03 August 2007

Postmodernism

Brilliant deep thinkers in the mid to late 19th century and early 20th century, like Søren Kierkegaard and Friedrich Nietzsche, through their argument against objectivity, and emphasis on skepticism concerning social morals and norms laid the groundwork for the existentialist movement.

Other notable precursors of postmodernism include Laurence Sterne's novel Tristram Shandy, Alfred Jarry's Pataphysics, and the work of Lewis Carrol.

Art and literature of the early part of the 20th century play a significant part in shaping the character of postmodern culture.

Dadaism attacked notions of high art in an attempt to break down the distinctions between high and low culture; Surrealism further developed concepts of Dadaism to celebrate the flow of the subconscious with influential techniques such as automatism and nonsensical juxtapositions (evidence of Surrealisms influence on postmodern thought can be seen in Foucault's and Derrida's references to Rene Magritte's experiments with signification).

Some other significant contributions to postmodern culture from literary figures... Jorge Luis Borges experimented in metafiction and magical realism; William S. Burroughs wrote the prototypical postmodern novel, Naked Lunch and developed the cut up method (similar to Tristan Tzara's "How to Make a Dadaist Poem") to create other novels such as Nova Express; Samuel Beckett attempted to escape the shadow of James Joyce by focusing on the failure of language and humanity's inability to overcome its condition, themes later to be explored in such works as Waiting for Godot.

Writers such as Jean-Paul Sartre and Albert Camus drew heavily from Kierkegaard and Nietzsche, and other previous thinkers, and brought about a new sense of subjectivity, and forlornness, which greatly influenced contemporary thinkers, writers, and artists. Karl Barth's fideist approach to theology and lifestyle, brought an irreverence for reason, and the rise of subjectivity.

Postcolonialism after World War II contributed to the idea that one cannot have an objectively superior lifestyle or belief. This idea was taken further by the anti-foundationalist philosophers: Heidegger, then Ludwig Wittgenstein, then Derrida, who examined the fundamentals of knowledge; they argued that rationality was neither as sure nor as clear as modernists or rationalists assert. Both World Wars contributed to postmodernism; it is with the end of the Second World War that recognizably postmodernist attitudes begin to emerge.

It is possible to identify the burgeoning anti-establishment movements of the 1960s as the constituting event of postmodernism. The theory gained some of its strongest ground early on in French academia. In 1971, the Arab-American Theorist Ihab Hassan was one of the first to use the term in its present form in his book: The Dismemberment of Orpheus: Toward a Postmodern Literature; in it, Hassan traces the development of what he called "literature of silence" through Marquis de Sade, Franz Kafka, Ernest Hemingway, Beckett, and many others, including developments such as the Theatre of the Absurd and the nouveau roman.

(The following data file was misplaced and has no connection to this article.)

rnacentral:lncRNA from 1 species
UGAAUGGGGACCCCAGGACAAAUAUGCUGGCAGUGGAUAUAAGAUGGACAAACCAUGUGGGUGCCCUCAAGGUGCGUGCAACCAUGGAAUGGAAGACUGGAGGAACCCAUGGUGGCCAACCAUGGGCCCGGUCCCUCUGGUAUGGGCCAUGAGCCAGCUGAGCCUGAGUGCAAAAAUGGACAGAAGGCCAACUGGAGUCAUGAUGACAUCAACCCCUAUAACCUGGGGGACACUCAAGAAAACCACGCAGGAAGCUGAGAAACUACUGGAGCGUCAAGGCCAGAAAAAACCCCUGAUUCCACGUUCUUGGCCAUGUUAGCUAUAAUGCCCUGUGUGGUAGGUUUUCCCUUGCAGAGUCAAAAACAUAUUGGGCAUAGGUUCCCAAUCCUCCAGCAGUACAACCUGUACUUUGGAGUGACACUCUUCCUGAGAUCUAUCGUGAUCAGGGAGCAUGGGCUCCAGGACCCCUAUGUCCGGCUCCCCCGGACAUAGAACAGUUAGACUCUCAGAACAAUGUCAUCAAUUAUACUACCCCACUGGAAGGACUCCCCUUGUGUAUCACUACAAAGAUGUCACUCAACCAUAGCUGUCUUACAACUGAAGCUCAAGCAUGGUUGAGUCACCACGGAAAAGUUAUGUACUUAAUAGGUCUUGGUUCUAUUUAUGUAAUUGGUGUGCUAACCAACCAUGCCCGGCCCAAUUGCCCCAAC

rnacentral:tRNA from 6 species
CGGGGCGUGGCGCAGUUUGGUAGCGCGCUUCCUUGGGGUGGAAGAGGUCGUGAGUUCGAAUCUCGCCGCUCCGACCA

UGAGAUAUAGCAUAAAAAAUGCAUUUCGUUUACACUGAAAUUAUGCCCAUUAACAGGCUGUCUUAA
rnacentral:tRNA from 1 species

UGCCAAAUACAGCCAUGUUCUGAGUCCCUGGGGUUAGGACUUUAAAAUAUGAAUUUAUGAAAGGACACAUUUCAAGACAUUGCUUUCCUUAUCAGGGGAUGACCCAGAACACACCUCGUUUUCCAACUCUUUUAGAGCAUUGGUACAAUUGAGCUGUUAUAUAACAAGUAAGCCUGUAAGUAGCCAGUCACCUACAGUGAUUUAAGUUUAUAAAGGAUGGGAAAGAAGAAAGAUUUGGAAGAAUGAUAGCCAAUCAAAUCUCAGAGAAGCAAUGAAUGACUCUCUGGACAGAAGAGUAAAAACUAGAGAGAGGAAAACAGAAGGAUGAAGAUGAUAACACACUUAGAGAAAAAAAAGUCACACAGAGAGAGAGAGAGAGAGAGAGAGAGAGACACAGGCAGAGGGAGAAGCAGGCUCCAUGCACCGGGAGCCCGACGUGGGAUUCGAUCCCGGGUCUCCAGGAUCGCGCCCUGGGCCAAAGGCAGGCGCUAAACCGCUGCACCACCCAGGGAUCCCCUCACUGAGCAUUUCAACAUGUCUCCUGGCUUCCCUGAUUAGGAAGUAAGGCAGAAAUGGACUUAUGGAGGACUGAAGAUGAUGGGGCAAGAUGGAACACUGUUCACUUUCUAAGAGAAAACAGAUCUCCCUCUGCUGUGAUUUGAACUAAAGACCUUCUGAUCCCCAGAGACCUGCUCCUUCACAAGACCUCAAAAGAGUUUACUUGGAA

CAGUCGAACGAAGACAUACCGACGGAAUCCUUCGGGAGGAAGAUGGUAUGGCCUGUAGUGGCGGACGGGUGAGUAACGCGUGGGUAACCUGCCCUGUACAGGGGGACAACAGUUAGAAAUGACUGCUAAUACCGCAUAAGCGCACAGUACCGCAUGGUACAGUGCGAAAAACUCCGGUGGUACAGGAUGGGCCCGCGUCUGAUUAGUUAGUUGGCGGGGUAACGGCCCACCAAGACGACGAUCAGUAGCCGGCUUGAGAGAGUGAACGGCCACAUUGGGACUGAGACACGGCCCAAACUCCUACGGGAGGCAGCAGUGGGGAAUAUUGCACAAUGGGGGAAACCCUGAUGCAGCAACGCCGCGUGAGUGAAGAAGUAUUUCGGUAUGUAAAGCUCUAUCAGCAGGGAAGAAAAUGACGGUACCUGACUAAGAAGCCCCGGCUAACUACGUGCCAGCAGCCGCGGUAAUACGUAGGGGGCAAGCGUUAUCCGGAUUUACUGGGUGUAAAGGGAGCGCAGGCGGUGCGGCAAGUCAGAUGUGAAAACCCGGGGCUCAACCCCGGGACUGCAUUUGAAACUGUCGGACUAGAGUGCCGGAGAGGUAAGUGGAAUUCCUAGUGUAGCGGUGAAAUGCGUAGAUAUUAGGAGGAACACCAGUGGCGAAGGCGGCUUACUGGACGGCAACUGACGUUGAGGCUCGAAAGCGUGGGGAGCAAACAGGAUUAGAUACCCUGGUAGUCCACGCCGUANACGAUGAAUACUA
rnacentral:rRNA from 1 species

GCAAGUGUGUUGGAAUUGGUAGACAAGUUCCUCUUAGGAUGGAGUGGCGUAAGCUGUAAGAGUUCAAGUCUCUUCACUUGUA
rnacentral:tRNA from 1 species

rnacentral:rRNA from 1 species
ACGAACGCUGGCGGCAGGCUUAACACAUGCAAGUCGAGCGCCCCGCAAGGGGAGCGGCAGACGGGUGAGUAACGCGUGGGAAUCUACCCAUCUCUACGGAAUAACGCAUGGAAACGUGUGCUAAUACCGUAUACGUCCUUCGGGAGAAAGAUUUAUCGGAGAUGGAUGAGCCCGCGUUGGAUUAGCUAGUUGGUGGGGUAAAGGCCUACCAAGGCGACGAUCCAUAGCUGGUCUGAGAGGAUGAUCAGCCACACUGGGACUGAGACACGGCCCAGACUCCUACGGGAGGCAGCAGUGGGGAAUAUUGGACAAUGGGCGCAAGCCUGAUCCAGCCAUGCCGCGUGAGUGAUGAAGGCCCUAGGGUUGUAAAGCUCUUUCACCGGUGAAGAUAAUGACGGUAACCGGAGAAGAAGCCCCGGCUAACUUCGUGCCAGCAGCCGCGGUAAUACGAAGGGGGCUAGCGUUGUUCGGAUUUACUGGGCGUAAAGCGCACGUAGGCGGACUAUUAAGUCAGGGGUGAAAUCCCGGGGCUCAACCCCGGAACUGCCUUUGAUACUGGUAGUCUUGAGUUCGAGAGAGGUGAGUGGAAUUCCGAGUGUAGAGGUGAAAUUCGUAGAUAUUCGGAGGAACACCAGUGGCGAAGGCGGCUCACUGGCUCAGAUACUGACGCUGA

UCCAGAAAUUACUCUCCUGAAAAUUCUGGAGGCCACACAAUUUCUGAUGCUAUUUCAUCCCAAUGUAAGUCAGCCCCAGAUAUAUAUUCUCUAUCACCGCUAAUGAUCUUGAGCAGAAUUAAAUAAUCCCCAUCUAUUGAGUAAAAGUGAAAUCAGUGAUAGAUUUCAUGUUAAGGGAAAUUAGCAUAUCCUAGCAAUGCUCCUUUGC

In 1979 Jean-François Lyotard wrote a short but influential work The Postmodern Condition: A report on knowledge. Also, Richard Rorty wrote Philosophy and the Mirror of Nature (1979). Jean Baudrillard, Michel Foucault, and Roland Barthes are also influential in 1970s postmodern theory.

However, Postmodernism movement actually began with architecture, as a reactionary movement against the perceived blandness and hostility present in the Modern movement. Modern Architecture as established and developed by masters such as Walter Gropius and Philip Johnson was focused on the pursuit of an ideal perfection, harmony of form and function and dismissal of frivolous ornament.

Critics of modernism argued that the attributes of perfection and minimalism themselves were subjective, and pointed out anachronisms in modern thought and questioned the benefits of its philosophy. Definitive postmodern architecture such as the work of Michael Graves rejects the notion of a 'pure' form or 'perfect' architectonic detail, instead conspicuously drawing from all methods, materials, forms and colors available to architects.

Postmodern architecture began the reaction against the almost totalitarian qualities of Modernist thought, favoring personal preferences and variety over objective, ultimate truths or principles. It is this atmosphere of criticism, skepticism and subjectivity that defines the postmodern philosophy.

Postmodernist ideas in the arts have influenced philosophy and the analysis of culture and society, expanded the importance of critical theory, and been the point of departure for works of literature, architecture, and design, as well as being visible in marketing/business and the interpretation of history, law and culture, starting in the late 20th century; these developments (re-evaluation of the entire Western value system (love, marriage, popular culture, shift from industrial to service economy) that took place since 1950/1960, with a peak in the Social Revolution of 1968) are described with the term postmodernity, as opposed to the "-ism" referring to an opinion or movement.

As something being "postmodernist" would be part of the movement, "postmodern" would refer to aspects of the period of the time since the 1950s, a part of contemporary history; still both terms may be synonymous under some circumstances.

9 comments:

WTM said...

"Karl Barth's fideist approach to theology and lifestyle, brought an irreverence for reason, and the rise of subjectivity."

I don't know how you can read even one paragraph of Barth and conclude that his work promotes an irreverence for reason and the rise of subjectivity. While he is fideist in some sense, it is not a Christian ghettoization but a commitment of faith to not allow Christian belief to be called into question by other ideologies.

GothamCityInsider said...

Some fundamentalist and evangelical critics have often referred to Barth as "neo-orthodox" because, while his theology retains most or all of the tenets of christianity, he is seen as rejecting the belief which is a linchpin of their theological system: biblical inerrancy. Which to me is quite a laughable linchpin for we all know the Bible is a work of fiction written by mere mortals, is it not? It isn't a biography or an autobiography, it's a book of tales, arguable and disputable and subject to criticism like any work of fiction.

Such critics regard proclaiming a rigorous christian theology without basing that theology on a supporting text that is considered to be historically accurate as a separation of theological truth from historical truth

Barthians respond by saying that the claim that the foundation of theology is biblical inerrancy is to use a foundation other than Jesus Christ, and that our understanding of Scripture's accuracy and worth can only properly emerge from consideration of what it means for it to be a true witness to Jesus himself.